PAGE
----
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Title: Half-metre sea-level fluctuations on centennial timescales from mid-Holocene corals of Southeast Asia
Authors: Meltzner, Aron Jeffrey
Switzer, Adam Douglas
Ashe, Erica
Qiu, Qiang
Hill, David F.
Bradley, Sarah L.
Kopp, Robert E.
Hill, Emma Mary
Majewski, Jędrzej M.
Natawidjaja, Danny Hilman
Suwargadi, Bambang W.
Horton, Benjamin P.
Keywords: Relative sea level (RSL)
Mid-Holocene corals
Issue Date: 2017
Source: Meltzner, A. J., Switzer, A. D., Horton, B. P., Ashe, E., Qiu, Q., Hill, D. F., et al. (2017). Half-metre sea-level fluctuations on centennial timescales from mid-Holocene corals of Southeast Asia. Nature Communications, 8, 14387-.
Series/Report no.: Nature Communications
Abstract: Sea-level rise is a global problem, yet to forecast future changes, we must understand how and why relative sea level (RSL) varied in the past, on local to global scales. In East and Southeast Asia, details of Holocene RSL are poorly understood. Here we present two independent high-resolution RSL proxy records from Belitung Island on the Sunda Shelf. These records capture spatial variations in glacial isostatic adjustment and paleotidal range, yet both reveal a RSL history between 6850 and 6500 cal years BP that includes two 0.6m fluctuations, with rates of RSL change reaching 13±4mm per year (2s). Observations along the south coast of China, although of a lower resolution, reveal fluctuations similar in amplitude and timing to those on the Sunda Shelf. The consistency of the Southeast Asian records, from sites 2,600 km apart, suggests that the records reflect regional changes in RSL that are unprecedented in modern times.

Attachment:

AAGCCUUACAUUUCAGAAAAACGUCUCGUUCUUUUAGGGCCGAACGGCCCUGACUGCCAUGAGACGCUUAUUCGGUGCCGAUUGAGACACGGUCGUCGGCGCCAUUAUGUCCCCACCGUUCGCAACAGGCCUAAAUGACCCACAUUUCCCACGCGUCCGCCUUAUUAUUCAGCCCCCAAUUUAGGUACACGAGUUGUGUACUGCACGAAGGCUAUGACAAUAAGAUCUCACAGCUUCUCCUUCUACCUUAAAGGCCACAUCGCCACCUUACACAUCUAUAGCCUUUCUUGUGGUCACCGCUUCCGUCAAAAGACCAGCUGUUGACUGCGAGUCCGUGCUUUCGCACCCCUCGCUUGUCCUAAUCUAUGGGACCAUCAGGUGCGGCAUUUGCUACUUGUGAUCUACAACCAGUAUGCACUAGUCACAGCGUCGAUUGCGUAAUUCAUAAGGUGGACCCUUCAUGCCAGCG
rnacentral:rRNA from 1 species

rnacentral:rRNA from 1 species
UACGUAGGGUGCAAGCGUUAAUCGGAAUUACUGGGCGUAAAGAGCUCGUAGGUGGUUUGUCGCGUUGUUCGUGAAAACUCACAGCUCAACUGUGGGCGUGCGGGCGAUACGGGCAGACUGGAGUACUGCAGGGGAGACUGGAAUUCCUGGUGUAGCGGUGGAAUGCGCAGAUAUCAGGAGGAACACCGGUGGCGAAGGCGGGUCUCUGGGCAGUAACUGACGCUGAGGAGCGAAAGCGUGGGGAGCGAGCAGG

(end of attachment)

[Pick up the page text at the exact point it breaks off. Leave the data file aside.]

ISSN: 2041-1723
DOI: 10.1038/ncomms14387
Schools: Asian School of the Environment 
Research Centres: Earth Observatory of Singapore 
Complexity Institute 
Rights: © 2017 The Author(s). This work is licensed under a Creative Commons Attribution 4.0 International License. The images or other third party material in this article are included in the article’s Creative Commons license, unless indicated otherwise in the credit line; if the material is not included under the Creative Commons license, users will need to obtain permission from the license holder to reproduce the material. To view a copy of this license, visit
Fulltext Permission: open
Fulltext Availability: With Fulltext
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